Comet PANSTARRS creeps into the early-morning sky for southern-hemisphere observers. Mars and Mercury make a picturesque appearance with the crescent Moon. And Saturn’s rings cast a long shadow on the planet’s cloud tops for observers up early with a telescope. Here’s what to see in the night sky this month…
1-8 February. Early this month, and also at the end of the month, northern hemisphere observers can see the zodiacal light. This eerie glow, caused by sunlight reflecting off dust in the solar system, looks like a tall pyramid of light sloping to the left. Look for it in the western sky about 90-120 minutes after sunset. Very dark and clear sky is required.
3 Feb. Also in early February, southern-hemisphere observers can see, with binoculars, Comet C/2011 L4 (PANSTARRS). This is one of two bright comets on the way this year. Shining at 6th magnitude, this comet has so far been an underperformer. From the deep south, look for the comet near the star Arkab (beta Sagittarii), which itself is a pleasant double star for binocular observers. The map below shows the comet on Feb. 3 as seen from 35ºS latitude at dawn. It moves about 4° towards the horizon each day. Northern-hemisphere observers will have to wait until next month to see the comet.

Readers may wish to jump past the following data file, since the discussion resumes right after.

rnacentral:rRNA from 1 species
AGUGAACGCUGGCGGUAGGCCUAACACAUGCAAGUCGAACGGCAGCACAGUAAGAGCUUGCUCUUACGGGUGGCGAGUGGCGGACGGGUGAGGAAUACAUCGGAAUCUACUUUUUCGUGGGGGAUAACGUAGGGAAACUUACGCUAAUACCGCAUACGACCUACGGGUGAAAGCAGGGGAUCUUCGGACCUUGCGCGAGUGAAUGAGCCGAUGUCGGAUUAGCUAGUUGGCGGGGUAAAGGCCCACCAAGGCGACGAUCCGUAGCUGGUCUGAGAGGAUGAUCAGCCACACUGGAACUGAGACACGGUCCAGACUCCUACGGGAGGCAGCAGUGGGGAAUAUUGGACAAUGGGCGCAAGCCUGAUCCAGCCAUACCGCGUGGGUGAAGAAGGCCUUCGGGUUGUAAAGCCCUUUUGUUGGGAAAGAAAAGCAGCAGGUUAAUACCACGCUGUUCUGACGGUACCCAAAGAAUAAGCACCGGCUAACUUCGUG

3 Feb. The last-quarter Moon is just to the southeast of the planet Saturn in the early morning sky about an hour before sunrise. Saturn’s rings cast a lovely shadow this month for those up early with a telescope. Saturn is south of the ecliptic for the next many years, so southern hemisphere observers get to see the ringed planet fairly high in the sky compared to us northerners.
3 Feb. Last-quarter Moon, 13:56 UT.
7 Feb. Mars comes within 0.6º of Mercury low in the southwestern sky just after sunset. They are a fine site in binoculars! The two are even closer together on Feb. 8. Mercury is the brighter of the two.
10 Feb. New Moon, 7:20 UT.
11 Feb. Look for Mercury and Mars near a slender crescent Moon about 30 minutes after sunset.
12-18 Feb. Mercury reaches nearly 10º above the southwestern horizon just after sunset. This is an excellent opportunity to see this little planet with your unaided eye or binoculars.
18 Feb. The Moon and brilliant Jupiter dance again as they have in the past several month. These two, along with the bright-orange star Aldebaran make a tight triangle, with the splendid Pleiades star cluster nearby.
17 Feb. First-quarter Moon, 20:31 UT.
25 Feb. Full Moon, 20:26 UT.
28 Feb. The Moon comes very close to the bright star Spica in the constellation Virgo. Look for the pair in the eastern sky around midnight.